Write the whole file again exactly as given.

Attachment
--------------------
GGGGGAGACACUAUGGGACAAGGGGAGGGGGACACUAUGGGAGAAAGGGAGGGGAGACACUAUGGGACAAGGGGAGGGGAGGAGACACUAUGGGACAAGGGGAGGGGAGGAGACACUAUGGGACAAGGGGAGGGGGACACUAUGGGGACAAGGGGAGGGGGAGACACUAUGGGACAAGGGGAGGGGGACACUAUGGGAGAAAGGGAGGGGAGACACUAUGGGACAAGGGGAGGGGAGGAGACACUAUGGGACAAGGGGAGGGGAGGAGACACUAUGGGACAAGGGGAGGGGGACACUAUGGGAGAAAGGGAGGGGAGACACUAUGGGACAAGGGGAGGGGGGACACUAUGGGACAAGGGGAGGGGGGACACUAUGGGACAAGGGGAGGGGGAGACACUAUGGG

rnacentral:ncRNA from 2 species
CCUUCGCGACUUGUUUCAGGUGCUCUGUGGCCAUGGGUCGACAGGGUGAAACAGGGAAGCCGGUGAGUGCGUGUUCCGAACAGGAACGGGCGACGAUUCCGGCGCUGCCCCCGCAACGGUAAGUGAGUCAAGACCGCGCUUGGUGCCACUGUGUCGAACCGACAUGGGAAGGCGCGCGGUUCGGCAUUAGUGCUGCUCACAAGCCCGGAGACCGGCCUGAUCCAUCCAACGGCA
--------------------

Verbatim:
GGGGGAGACACUAUGGGACAAGGGGAGGGGGACACUAUGGGAGAAAGGGAGGGGAGACACUAUGGGACAAGGGGAGGGGAGGAGACACUAUGGGACAAGGGGAGGGGAGGAGACACUAUGGGACAAGGGGAGGGGGACACUAUGGGGACAAGGGGAGGGGGAGACACUAUGGGACAAGGGGAGGGGGACACUAUGGGAGAAAGGGAGGGGAGACACUAUGGGACAAGGGGAGGGGAGGAGACACUAUGGGACAAGGGGAGGGGAGGAGACACUAUGGGACAAGGGGAGGGGGACACUAUGGGAGAAAGGGAGGGGAGACACUAUGGGACAAGGGGAGGGGGGACACUAUGGGACAAGGGGAGGGGGGACACUAUGGGACAAGGGGAGGGGGAGACACUAUGGG

rnacentral:ncRNA from 2 species
CCUUCGCGACUUGUUUCAGGUGCUCUGUGGCCAUGGGUCGACAGGGUGAAACAGGGAAGCCGGUGAGUGCGUGUUCCGAACAGGAACGGGCGACGAUUCCGGCGCUGCCCCCGCAACGGUAAGUGAGUCAAGACCGCGCUUGGUGCCACUGUGUCGAACCGACAUGGGAAGGCGCGCGGUUCGGCAUUAGUGCUGCUCACAAGCCCGGAGACCGGCCUGAUCCAUCCAACGGCA